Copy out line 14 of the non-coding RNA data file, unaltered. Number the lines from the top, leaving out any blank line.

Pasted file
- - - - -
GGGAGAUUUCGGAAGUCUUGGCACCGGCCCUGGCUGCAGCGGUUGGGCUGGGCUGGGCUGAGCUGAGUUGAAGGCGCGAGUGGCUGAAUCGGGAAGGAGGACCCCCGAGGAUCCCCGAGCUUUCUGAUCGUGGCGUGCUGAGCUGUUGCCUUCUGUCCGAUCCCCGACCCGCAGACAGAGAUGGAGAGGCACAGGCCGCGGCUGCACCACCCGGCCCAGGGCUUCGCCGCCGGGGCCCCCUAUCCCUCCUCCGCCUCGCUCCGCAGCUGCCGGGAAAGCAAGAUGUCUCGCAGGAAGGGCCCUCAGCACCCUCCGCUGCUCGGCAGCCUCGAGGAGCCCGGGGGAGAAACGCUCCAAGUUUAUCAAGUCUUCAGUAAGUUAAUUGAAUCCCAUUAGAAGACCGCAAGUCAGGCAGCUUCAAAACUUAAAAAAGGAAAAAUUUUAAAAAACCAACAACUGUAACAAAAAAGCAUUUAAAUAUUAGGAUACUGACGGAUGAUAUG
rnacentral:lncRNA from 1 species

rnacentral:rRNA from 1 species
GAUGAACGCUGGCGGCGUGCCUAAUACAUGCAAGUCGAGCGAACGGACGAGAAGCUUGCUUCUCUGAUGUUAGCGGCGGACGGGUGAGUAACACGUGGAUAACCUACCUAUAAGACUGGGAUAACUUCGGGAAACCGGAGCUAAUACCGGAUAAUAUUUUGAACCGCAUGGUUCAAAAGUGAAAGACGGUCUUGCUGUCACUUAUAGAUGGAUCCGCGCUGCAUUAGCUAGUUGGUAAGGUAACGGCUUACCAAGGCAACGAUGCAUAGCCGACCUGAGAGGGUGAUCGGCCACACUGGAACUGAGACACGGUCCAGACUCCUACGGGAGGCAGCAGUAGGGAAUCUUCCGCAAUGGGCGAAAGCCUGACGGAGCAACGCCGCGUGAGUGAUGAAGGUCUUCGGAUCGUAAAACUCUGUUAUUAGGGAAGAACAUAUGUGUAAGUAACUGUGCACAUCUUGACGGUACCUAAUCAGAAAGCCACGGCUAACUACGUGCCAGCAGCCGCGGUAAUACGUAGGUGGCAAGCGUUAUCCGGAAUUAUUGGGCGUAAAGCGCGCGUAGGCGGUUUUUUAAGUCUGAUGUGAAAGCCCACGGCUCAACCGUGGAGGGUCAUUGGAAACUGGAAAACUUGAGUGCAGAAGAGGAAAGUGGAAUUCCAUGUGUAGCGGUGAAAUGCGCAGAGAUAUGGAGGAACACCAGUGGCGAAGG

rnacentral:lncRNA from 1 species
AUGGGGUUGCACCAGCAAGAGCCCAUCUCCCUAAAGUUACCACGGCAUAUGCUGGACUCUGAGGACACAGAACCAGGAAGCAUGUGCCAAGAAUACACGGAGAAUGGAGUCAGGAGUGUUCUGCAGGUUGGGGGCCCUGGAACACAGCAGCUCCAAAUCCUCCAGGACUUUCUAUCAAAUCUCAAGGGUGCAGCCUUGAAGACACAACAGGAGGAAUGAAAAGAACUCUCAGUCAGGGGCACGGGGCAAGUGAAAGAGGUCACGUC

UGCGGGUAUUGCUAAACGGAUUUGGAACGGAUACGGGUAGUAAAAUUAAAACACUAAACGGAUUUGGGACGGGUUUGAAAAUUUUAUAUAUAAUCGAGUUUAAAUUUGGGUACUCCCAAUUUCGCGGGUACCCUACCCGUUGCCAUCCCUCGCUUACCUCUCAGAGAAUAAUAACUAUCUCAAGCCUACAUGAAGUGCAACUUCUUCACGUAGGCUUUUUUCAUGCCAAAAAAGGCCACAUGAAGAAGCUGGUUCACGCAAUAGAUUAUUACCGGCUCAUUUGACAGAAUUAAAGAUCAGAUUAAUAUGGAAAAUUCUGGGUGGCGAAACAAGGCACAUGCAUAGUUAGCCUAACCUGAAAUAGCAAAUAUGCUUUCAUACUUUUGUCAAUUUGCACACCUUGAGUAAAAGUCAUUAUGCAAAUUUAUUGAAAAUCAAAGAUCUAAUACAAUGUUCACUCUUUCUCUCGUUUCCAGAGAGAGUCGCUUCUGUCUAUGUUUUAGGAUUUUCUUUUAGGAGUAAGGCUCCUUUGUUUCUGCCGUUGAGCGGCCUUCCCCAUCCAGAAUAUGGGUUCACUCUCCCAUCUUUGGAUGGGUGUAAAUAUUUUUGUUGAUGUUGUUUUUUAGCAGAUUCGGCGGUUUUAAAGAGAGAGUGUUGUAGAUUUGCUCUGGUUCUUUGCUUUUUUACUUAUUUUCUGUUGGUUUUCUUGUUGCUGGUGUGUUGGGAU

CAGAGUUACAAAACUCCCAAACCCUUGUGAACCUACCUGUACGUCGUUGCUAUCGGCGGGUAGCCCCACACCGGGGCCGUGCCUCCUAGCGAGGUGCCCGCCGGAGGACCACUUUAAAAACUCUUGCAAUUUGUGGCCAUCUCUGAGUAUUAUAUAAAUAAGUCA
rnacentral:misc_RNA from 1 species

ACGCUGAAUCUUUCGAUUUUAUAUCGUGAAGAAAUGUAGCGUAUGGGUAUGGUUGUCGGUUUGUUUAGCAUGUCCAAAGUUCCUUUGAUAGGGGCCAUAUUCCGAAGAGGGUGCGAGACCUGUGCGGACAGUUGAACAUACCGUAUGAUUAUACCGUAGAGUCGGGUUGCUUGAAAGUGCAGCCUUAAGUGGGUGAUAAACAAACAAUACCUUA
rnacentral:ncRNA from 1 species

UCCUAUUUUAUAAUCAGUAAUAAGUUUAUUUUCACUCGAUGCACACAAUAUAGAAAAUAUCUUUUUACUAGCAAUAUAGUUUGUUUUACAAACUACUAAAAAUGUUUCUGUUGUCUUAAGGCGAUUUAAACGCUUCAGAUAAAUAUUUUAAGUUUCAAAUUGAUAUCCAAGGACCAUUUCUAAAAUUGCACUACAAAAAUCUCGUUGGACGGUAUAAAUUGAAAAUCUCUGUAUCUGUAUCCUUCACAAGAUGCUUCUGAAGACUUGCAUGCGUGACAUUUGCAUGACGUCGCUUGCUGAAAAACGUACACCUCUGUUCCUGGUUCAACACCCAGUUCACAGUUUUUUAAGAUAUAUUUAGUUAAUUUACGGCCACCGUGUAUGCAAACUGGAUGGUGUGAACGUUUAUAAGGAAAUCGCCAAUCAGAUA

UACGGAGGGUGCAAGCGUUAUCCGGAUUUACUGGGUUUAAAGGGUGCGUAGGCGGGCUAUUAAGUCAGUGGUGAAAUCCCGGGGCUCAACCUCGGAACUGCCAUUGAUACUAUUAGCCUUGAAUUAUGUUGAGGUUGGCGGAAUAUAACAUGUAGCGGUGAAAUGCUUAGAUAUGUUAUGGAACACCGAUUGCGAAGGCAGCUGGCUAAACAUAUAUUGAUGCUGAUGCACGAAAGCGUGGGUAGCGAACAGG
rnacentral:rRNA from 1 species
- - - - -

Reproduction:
rnacentral:rRNA from 1 species